Department or Program



Over the past five years, a multitude of cases that have made their ways through the U.S. judicial system dealing with the question of how to adjudicate laws discriminating against individuals based on their sexual orientation. The common theme among them is a reliance on the 14th Amendment’s Equal Protection Clause, which states that no State may “deny to any person within its jurisdiction the equal protection of the laws.” While discrimination of individuals on their sexual orientation would appear to violate it, the way that the courts have interpreted the Equal Protection Clause has posed many problems in achieving both a clear legal doctrine and a wider expansion of gay rights. Given these issues, this thesis seeks to remedy the constitutional quandary of how the courts should interpret laws discriminating against sexual orientation by finding an alternative constitutional justification for overturning said discrimination. The theory that I advance focuses instead on the well-established right to intimate association, which derives from analysis of the First Amendment rights to free speech and assembly and the 14th Amendment right to substantive due process. This right states that the government cannot, without a compelling and narrowly tailored purpose, infringe upon the right of individuals to form and cultivate meaningful intimate relationships. My goal in writing this thesis is to articulate a theory that can provide a clear model for how courts should interpret sexual orientation discrimination in future cases.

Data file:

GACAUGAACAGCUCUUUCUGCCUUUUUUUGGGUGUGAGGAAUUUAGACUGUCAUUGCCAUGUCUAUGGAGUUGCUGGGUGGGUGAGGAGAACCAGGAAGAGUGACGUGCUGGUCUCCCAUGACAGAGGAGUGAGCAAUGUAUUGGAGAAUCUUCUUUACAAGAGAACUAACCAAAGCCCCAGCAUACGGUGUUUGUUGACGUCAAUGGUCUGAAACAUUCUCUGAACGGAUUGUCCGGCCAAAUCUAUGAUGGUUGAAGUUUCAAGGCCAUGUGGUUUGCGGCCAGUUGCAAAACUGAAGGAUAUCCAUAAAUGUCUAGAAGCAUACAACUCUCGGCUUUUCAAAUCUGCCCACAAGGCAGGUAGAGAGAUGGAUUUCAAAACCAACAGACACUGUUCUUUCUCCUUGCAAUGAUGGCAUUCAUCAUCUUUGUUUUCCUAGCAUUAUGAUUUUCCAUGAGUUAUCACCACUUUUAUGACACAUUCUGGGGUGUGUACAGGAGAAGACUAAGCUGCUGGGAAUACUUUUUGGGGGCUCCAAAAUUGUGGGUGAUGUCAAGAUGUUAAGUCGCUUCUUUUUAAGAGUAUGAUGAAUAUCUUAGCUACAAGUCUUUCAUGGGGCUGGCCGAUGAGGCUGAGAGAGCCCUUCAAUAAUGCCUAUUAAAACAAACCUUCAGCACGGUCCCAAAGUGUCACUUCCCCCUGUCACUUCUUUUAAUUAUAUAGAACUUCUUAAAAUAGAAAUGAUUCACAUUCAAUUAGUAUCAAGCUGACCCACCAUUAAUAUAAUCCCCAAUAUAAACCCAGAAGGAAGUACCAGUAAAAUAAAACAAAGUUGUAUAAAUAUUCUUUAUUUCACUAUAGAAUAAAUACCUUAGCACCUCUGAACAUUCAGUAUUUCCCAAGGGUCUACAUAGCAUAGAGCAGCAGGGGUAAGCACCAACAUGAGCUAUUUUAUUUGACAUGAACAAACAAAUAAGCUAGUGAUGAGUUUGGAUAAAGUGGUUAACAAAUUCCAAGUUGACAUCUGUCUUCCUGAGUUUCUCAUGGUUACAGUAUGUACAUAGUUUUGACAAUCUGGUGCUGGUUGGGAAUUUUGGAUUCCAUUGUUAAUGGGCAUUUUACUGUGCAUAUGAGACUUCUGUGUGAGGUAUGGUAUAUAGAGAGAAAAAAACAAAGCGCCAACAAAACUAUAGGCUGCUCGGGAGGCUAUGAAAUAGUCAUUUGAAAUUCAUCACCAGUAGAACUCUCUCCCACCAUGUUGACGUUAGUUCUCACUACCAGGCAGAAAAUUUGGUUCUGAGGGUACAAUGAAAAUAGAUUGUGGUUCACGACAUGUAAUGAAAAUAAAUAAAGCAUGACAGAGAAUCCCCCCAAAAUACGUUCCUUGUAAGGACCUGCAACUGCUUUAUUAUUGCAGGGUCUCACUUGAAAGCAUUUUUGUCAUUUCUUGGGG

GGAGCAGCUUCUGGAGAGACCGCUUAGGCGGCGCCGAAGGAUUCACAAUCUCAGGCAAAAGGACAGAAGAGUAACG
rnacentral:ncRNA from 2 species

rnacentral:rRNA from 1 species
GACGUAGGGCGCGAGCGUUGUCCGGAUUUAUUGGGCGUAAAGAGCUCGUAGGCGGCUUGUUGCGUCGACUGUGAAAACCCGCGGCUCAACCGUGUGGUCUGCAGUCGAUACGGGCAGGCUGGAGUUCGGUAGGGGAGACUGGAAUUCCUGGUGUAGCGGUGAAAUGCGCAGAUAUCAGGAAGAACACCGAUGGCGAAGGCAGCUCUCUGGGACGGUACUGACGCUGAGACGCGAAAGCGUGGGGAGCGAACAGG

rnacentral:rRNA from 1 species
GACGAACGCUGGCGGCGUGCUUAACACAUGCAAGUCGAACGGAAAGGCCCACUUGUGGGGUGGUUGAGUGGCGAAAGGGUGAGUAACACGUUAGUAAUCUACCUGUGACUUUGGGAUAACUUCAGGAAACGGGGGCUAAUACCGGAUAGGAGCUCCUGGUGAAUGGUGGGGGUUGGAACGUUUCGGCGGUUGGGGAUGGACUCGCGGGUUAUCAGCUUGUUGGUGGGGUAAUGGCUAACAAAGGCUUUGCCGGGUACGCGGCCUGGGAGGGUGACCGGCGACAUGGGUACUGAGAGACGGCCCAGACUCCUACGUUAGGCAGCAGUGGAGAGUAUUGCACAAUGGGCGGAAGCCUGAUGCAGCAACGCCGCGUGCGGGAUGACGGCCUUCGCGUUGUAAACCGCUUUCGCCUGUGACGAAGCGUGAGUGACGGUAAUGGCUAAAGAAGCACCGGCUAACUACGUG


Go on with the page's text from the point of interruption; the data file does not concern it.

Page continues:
Level of Access

Open Access

First Advisor

Baughman, John

Date of Graduation

Spring 5-2014

Degree Name

Bachelor of Arts

Number of Pages


Components of Thesis

1 pdf file

Open Access

Available to all.